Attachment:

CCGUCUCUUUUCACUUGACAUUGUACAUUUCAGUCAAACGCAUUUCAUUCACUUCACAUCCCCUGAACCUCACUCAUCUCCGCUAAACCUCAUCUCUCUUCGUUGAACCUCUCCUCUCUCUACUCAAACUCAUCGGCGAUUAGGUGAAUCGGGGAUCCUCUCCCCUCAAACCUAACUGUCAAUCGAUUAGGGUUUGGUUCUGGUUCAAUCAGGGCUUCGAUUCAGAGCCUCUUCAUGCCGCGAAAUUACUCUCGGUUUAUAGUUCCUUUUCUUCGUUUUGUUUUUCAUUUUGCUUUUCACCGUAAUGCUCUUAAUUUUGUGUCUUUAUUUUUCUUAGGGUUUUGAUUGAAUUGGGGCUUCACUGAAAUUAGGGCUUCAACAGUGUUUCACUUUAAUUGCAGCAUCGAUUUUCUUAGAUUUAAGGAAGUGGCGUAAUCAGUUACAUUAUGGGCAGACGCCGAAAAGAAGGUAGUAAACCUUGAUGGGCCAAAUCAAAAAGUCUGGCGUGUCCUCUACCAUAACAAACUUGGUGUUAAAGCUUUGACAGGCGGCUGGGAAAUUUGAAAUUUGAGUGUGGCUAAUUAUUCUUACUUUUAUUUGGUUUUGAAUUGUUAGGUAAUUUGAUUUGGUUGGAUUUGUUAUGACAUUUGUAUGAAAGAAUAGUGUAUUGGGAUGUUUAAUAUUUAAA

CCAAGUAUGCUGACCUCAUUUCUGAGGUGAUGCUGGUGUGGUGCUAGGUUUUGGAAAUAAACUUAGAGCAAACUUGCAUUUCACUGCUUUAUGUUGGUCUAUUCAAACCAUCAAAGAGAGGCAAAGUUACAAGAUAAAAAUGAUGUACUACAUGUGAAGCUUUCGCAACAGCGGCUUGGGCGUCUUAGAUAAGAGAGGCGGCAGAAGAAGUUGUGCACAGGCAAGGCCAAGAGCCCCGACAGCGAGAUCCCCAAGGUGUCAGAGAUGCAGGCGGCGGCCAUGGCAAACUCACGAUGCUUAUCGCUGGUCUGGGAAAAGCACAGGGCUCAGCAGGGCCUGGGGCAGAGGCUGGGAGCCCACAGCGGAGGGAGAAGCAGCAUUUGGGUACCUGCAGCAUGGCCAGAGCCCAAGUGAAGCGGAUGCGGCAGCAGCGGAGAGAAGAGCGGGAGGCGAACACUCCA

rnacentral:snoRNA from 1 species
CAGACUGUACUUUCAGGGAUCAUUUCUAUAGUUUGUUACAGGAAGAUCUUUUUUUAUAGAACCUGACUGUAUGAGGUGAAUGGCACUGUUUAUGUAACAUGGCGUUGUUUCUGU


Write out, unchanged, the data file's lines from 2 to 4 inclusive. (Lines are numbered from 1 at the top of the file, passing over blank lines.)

CCAAGUAUGCUGACCUCAUUUCUGAGGUGAUGCUGGUGUGGUGCUAGGUUUUGGAAAUAAACUUAGAGCAAACUUGCAUUUCACUGCUUUAUGUUGGUCUAUUCAAACCAUCAAAGAGAGGCAAAGUUACAAGAUAAAAAUGAUGUACUACAUGUGAAGCUUUCGCAACAGCGGCUUGGGCGUCUUAGAUAAGAGAGGCGGCAGAAGAAGUUGUGCACAGGCAAGGCCAAGAGCCCCGACAGCGAGAUCCCCAAGGUGUCAGAGAUGCAGGCGGCGGCCAUGGCAAACUCACGAUGCUUAUCGCUGGUCUGGGAAAAGCACAGGGCUCAGCAGGGCCUGGGGCAGAGGCUGGGAGCCCACAGCGGAGGGAGAAGCAGCAUUUGGGUACCUGCAGCAUGGCCAGAGCCCAAGUGAAGCGGAUGCGGCAGCAGCGGAGAGAAGAGCGGGAGGCGAACACUCCA

rnacentral:snoRNA from 1 species
CAGACUGUACUUUCAGGGAUCAUUUCUAUAGUUUGUUACAGGAAGAUCUUUUUUUAUAGAACCUGACUGUAUGAGGUGAAUGGCACUGUUUAUGUAACAUGGCGUUGUUUCUGU